Thursday, October 11, 2012

Story Songs: Fast Car

Singer-songwriter and social activist Tracy Chapman sang about the seemingly endless cycle of poverty as it relates to a young woman in "Fast Car."

The song reached No. 6 on the Billboard Hot 100 chart in 1988. A year  later she received a Grammy Award for Best Female Pop Vocal Performance.

The song begins with the woman wanting to flee her sad surroundings and start a new life with her lover: 

"Anyplace is better
Starting from zero got nothing to lose
Maybe we'll make something
But me myself I got nothing to prove"

We learn that the girl's mother left the family because of her alcoholic father but that she decided to drop out of school and take care of him. She expresses hopes and dreams of finding a new life:

"City lights lay out before us
And your arm felt nice wrapped 'round my shoulder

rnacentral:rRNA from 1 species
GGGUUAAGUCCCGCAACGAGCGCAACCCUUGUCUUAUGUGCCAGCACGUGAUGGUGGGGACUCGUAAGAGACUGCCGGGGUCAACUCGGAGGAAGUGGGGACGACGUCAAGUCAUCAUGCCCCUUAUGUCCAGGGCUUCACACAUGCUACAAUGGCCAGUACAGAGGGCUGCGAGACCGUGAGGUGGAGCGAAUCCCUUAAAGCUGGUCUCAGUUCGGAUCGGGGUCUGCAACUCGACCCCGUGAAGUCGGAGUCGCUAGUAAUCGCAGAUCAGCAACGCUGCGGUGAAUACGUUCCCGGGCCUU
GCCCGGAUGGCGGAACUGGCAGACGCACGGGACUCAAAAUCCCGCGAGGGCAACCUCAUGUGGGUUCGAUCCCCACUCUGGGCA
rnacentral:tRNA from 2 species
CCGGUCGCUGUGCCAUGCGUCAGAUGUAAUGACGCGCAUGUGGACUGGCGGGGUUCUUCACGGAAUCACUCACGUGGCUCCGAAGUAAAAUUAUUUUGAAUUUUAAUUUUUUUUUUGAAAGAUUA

And I had a feeling that I belonged
And I had a feeling I could be someone, be someone, be someone"

But that doesn't happen as she finds work at a grocery store, he doesn't have a job, and they end up living in a shelter. And then we discover that she's back in the situation her mother experienced with her dad:

"You stay out drinking late at the bar
See more of your friends than you do of your kids
I'd always hoped for better
Thought maybe together you and me would find it
I got no plans I ain't going nowhere"

And in the end she says:

"You got a fast car
But is it fast enough so you can fly away
You gotta make a decision
You leave tonight or live and die this way"

The song is so powerful because Chapman focused on one person and the struggles she faced to escape poverty. And true to reality, it is extremely difficult to break that cycle.

Chapman followed "Fast Car" with other noteworthy songs such as "Talkin 'bout a Revolution," "Baby Can I Hold You," and "Give Me One Reason."

"Fast Car" lyrics


  1. eventhough this song is sad, there is something about it that is special, maybe even comforting, in a strange way, I think this song is a little like the Elvis song, in the ghetto.
    you always bring to my mind some nice memories Michael, so thank you for sharing all this with us :)

  2. You are right, Elizabeth. Both songs hit on the life in poverty -- having hope at some point and then facing despair. Thanks for your input.

  3. I really enjoy Chapman and this has always been one of my fav songs.

  4. It's been one of my favorites as well, Socorro.